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09 September 2009

Ask MeCha: How do I put in a bid? Recently, I was issued a coding request by a fellow bunny (hi!) [More:] but I have no experience with putting in a bid. Do I just make up a figure? Do I have to submit an estimated completion date?

How do these things work?
Is it an informal thing? If so, you should be able to work it out between the two of you. But that's so obvious that I assume it's more a case of the fellow bunny tipping you off to their work looking for bids. If so, any largish organisation should have a formalised procedure. Contact them / check their web site, etc, to see what you have to do. Sometimes these can be very specific about what they want you to put in the bid and how to set everything out.

You should set out a list of the tasks you will need to do (isn't that the starting point for most coding projects anyway?) and then estimate how long each will take. Allow extra time for corrections and changes they might ask you to make. This will help when you have to set out a formal bid.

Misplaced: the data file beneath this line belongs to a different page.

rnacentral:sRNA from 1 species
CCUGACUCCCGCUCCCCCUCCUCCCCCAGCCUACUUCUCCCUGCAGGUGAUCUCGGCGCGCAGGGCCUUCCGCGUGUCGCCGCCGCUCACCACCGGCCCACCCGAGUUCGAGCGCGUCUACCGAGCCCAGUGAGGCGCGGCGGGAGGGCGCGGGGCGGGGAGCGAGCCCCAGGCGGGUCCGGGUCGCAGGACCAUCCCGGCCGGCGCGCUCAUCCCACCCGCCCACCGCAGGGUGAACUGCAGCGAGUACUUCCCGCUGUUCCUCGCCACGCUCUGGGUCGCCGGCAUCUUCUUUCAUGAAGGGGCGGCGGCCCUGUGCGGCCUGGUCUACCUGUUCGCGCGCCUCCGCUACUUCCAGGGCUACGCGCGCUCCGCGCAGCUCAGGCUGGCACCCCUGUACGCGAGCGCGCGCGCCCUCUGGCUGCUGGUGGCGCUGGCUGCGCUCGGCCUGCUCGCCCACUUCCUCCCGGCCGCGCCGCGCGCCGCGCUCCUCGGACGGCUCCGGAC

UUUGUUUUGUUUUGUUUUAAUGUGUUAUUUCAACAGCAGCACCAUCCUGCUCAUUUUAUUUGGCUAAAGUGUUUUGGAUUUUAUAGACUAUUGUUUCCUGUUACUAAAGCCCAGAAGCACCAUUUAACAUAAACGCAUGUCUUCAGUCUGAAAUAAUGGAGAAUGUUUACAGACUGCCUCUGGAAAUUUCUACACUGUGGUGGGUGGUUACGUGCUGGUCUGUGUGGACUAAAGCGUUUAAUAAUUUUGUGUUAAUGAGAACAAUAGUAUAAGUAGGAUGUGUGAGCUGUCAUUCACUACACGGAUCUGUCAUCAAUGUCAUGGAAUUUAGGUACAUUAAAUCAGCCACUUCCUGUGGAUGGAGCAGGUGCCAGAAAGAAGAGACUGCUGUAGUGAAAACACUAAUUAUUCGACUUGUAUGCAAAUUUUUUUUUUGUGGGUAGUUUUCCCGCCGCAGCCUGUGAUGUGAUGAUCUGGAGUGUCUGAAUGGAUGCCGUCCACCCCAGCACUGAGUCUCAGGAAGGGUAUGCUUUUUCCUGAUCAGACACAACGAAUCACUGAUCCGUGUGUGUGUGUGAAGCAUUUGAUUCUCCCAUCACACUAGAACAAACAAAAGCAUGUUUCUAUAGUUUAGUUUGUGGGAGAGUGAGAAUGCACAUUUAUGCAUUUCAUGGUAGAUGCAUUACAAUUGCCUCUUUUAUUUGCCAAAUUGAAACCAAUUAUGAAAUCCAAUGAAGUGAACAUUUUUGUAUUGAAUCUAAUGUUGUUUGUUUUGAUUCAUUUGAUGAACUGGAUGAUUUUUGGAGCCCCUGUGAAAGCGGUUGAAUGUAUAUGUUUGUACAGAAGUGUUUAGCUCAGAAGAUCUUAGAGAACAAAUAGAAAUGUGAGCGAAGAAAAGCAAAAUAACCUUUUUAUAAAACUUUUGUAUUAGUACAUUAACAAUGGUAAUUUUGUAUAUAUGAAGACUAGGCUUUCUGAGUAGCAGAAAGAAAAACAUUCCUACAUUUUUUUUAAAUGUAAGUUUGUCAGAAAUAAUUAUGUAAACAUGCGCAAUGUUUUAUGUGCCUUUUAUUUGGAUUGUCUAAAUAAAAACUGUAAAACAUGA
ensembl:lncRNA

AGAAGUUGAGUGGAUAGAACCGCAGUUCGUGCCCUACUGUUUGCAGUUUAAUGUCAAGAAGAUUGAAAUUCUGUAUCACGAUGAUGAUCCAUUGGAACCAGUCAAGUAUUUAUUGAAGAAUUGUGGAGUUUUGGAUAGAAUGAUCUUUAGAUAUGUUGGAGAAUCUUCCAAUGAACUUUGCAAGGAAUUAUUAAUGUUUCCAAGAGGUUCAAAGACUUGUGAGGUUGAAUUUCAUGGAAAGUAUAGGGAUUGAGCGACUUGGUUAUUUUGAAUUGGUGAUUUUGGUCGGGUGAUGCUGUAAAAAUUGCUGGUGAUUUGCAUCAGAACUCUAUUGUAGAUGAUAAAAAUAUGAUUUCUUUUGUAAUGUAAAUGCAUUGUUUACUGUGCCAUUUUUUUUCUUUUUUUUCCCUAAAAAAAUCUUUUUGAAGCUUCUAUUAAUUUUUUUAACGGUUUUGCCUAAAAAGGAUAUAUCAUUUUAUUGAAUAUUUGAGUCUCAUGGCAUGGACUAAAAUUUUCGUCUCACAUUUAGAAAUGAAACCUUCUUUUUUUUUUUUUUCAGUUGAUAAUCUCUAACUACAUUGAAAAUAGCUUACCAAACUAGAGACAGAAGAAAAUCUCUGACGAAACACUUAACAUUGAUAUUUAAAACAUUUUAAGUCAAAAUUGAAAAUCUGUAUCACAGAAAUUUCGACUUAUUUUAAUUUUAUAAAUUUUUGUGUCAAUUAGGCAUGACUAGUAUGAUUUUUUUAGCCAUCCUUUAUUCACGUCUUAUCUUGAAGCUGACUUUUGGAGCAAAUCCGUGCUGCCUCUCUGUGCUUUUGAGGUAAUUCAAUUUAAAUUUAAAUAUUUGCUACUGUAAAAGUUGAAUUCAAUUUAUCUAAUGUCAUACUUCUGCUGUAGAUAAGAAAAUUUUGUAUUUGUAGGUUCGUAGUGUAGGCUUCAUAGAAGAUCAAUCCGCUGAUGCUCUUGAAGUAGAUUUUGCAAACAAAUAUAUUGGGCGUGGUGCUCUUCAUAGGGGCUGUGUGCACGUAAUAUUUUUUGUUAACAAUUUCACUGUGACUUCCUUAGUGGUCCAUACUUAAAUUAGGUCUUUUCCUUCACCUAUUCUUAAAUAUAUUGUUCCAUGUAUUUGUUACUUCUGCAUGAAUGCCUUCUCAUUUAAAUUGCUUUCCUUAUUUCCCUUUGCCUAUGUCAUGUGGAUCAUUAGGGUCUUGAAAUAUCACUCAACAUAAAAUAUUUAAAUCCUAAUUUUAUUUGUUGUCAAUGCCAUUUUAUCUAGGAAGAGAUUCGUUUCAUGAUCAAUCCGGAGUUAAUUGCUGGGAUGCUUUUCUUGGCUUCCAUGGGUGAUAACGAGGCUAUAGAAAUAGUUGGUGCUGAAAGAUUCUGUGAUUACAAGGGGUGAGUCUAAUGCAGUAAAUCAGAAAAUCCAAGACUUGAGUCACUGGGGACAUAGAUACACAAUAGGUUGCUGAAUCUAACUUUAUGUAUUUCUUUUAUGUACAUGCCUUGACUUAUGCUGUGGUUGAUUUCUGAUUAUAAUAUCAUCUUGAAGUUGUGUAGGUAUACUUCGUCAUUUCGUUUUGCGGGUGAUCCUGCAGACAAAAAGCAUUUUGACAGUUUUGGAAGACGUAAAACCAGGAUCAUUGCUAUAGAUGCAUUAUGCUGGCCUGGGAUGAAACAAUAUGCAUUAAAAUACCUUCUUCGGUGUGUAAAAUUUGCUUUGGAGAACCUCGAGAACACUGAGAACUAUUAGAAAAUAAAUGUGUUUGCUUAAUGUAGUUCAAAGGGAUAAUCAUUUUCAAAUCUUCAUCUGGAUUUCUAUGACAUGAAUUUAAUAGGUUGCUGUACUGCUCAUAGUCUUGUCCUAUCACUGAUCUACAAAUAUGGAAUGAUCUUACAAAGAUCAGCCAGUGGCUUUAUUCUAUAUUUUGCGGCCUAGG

The tricky part will be setting a rate. Ideally you want to be charging as high a rate as you can without being higher than the next best option. Too high and you'll lose out to someone cheaper, but too cheap and people will suspect that you aren't good enough. See if you can find the usual industry rate and then undercut it by a little (but not too much).

You'll also find that the more detail you have in your bid the less danger there is of this. If people are thinking "hey at that low price he can't be taking into account foo (and therefore probably doesn't know what he's doing)", then having foo right there are step two in your bid will address that straight away.

Good luck
posted by GeckoDundee 09 September | 20:46
Be sure to define the parameters of the finished product or service you will deliver so you have clear targets that say you are done. Without that there can be a disagreement about when things are complete and you can end up putting in far more time than you intended if you want to get paid.

Make it very clear what functionality the project will deliver and what methodology, architecture, and tools will be used to achieve that functionality. Without that definition you can be subject to project creep and again end up spending more time than you had planed to.
posted by arse_hat 09 September | 23:17
Write and agree to a spec first. Without a spec that precisely defines the software that you're going to write, it's almost inevitable that you and the client will have disagreements over what constitutes the finished product.

If you're used to just hacking around, writing a spec and following it may be a new experience, but if you try to go without you'll probably quickly find out why most commercial software products begin from one.
posted by Kadin2048 10 September | 16:41
FYI - Since I know more people here than there!. . . || I missed the speech!